I've been trying to think of a simple example of a sequence of sets $f_n$ that converge almost everywhere to $f$ but not almost uniformly to $f$. Suppose $f$ is the zero function for the sake of simplicity.

The problem I'm having is that almost everywhere means that the set of values where $f_n$ does not converge to $0$ has measure $0$. But this just seems like a special case of almost uniform convergence which means that we can remove a set of arbitrary small measure from the domain and we will have uniform convergence on the remainder.

So is there some simple example that illustrates the difference between these two modes of convergence?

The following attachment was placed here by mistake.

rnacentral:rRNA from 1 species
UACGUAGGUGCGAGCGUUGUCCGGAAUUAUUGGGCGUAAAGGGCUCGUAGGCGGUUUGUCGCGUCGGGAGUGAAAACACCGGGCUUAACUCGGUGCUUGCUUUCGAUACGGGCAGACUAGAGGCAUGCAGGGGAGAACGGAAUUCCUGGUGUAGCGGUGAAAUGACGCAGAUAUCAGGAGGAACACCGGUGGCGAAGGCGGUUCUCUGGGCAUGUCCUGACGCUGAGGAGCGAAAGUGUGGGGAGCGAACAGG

• $\begingroup$ Isn't it the same difference that there is between convergence and uniform convergence ? $\endgroup$ – Ant Aug 11 '14 at 18:16

Take $f=1$ and $f_n=\chi_{[-n,n]}$

  • $\begingroup$ Ok, I can see that the set of values where $f_n$ does not converge to $f$ has value $0$ because it actually does converge to $f$ as $n \to \infty$. But why does it not have almost uniform convergence? $\endgroup$ – sonicboom Aug 11 '14 at 18:21
  • $\begingroup$ Measure of the sets where $|f-f_n| \geq1/2$ say is infinite for all $n$ . Hence you do not have a.u. convergence. $\endgroup$ – voldemort Aug 11 '14 at 18:26

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